In rodeo the wrapping the lasso around the saddle horn when roping a cow or steer is called a “dally,” coming from the Spanish “dar la vuelta.” My grandfather grew up in Montana, where he worked as a cowboy. He was in the Montana National Guard and was part of the invasion of Mexico in 1916 led by General Pershing. Later he was a horse wrangler in Hollywood. He always fancied himself something of an actor after that.
When I knew him, shortly before he died, he lived in a room in the basement of an apartment building near the hospital where he worked in the pay station of a parking lot. At any rate, our surname has nothing to do with roping cattle.
Common wisdom when buying a belt is to get one two inches longer than your pant’s waist size. But no two people wear their pants the same way. The best way to determine your belt size is to measure the distance from the point on the buckle where the tongue meets the bar down to the hole you use at the other end. The belt maker will then make the belt using that measurement.
Custom belts are made from better leather and with a better buckle than store bought belts. At Dally Leather I use Latigo leather which is infused with oils and waxes to make it pliable and durable. This leather is available in black, dark brown, burgundy and light brown (sometimes called “yellow”). Vegetable tanned leather can be dyed to the color of your choice if you have a special request.
Both Latigo and veg-tanned leather quickly forms to your body and wears beautifully. The more you wear it the better it will look and feel. Like a fine pair of shoes the belt will need the occasional polish. Avoid pure neatsfoot oil because it will soften the leather so that it stretches and darken the color. A neatsfoot oil based cleaner is alright to use, but saddle soap is the best cleaner and conditioner.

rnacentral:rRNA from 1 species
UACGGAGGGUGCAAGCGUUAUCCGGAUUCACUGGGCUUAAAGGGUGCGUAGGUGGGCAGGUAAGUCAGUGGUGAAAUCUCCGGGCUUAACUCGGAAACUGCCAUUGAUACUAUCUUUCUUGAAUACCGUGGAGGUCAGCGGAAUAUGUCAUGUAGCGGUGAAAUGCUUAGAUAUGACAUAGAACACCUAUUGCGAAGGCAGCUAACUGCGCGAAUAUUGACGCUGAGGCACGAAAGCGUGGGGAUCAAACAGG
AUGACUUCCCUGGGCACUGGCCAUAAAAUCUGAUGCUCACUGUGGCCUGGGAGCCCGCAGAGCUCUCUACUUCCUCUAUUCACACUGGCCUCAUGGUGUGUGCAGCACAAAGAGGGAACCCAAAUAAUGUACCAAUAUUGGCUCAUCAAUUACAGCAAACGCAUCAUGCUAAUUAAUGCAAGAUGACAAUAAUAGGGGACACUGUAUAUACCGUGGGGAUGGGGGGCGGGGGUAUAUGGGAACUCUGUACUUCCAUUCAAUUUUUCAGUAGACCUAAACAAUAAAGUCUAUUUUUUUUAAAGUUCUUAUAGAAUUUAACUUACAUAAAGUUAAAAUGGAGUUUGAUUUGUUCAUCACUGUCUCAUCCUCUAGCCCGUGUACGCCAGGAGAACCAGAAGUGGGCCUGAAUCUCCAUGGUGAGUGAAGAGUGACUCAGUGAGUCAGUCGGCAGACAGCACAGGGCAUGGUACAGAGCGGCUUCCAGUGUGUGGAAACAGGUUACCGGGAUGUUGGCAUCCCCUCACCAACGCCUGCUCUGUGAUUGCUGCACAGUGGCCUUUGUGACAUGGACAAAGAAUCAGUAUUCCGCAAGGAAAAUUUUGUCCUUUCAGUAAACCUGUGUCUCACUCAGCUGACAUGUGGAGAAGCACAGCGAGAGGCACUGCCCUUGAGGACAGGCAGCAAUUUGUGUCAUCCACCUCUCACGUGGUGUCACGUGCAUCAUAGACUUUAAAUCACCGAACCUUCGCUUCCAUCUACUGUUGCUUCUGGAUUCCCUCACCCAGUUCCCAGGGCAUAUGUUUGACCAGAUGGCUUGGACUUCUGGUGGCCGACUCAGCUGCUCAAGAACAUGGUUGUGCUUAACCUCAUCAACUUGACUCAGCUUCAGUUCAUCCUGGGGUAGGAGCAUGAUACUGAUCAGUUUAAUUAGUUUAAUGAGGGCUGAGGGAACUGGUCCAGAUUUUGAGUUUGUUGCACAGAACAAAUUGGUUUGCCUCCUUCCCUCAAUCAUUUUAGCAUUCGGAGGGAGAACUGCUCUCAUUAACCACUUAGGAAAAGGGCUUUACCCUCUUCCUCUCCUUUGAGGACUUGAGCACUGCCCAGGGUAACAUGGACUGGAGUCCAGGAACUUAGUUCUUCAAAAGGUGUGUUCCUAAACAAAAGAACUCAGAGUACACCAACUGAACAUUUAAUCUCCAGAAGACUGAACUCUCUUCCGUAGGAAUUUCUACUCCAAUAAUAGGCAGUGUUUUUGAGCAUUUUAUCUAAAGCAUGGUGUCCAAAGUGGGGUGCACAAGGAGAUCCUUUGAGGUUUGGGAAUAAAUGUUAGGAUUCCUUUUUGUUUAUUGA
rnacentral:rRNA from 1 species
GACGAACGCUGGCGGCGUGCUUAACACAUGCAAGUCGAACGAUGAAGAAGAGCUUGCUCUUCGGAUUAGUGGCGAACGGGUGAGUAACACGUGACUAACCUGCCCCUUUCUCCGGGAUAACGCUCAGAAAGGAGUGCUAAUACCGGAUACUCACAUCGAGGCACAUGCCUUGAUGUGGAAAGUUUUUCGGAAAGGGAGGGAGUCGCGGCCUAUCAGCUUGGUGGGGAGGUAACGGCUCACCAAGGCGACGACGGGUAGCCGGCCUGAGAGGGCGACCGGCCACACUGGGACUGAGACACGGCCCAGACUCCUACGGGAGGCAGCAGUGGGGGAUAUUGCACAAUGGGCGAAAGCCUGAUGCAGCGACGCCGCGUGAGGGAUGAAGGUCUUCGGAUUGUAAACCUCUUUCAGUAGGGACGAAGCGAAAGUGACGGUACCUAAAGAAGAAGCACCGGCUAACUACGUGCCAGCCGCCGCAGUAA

At Dally Leather I use solid brass buckles with several different finishes that will last a lifetime. They develop a lovely patina and polish from wear. Some store bought belts will have buckles painted with a gold shellac or chrome that will eventually chip. The buckles I use will not chip.
I hand sew the buckles onto the belt using a saddle stitch unless the customer requests snaps. Most store bought belts use glove snaps, but at Dally Leather I use larger brass snaps to increase security. If you want to change your buckle, snaps are the way to go, but not all buckles are the same size. To get the best custom fit the buckle size has be accounted for in the measurement. Avoid a belt with a buckle sewn on straight across the width because this weakens the leather.
A custom made belt from Dally Leather will have burnished edges, a four stage process, and a hand rubbed finish. That is something else you will rarely find in a store bought belt. I will cover values unique to custom made items in a future blog.
If there is not a standard use for these terms then there should be. To me hand stitched means that there are no machines involved in the process, that the needles are placed and pushed through the leather by hand. Hand sewn means an individual sat at a sewing machine to join the leather together. There are many mass produced leather goods labeled “hand sewn” but don’t be fooled into thinking they are hand made.
Hand stitching is better than hand sewing when you want a stitch that stays locked if the thread ever breaks either through trauma or wear. The kind of stitch I use almost all the time is called a saddle stitch. A needle is attached to both ends of the thread and you pass the needles through the same hole, back and forth, as you move along your line of stitching. This means the thread is under pressure in the seam, so if it breaks somewhere along the line it won’t unravel like a machine sewn seam.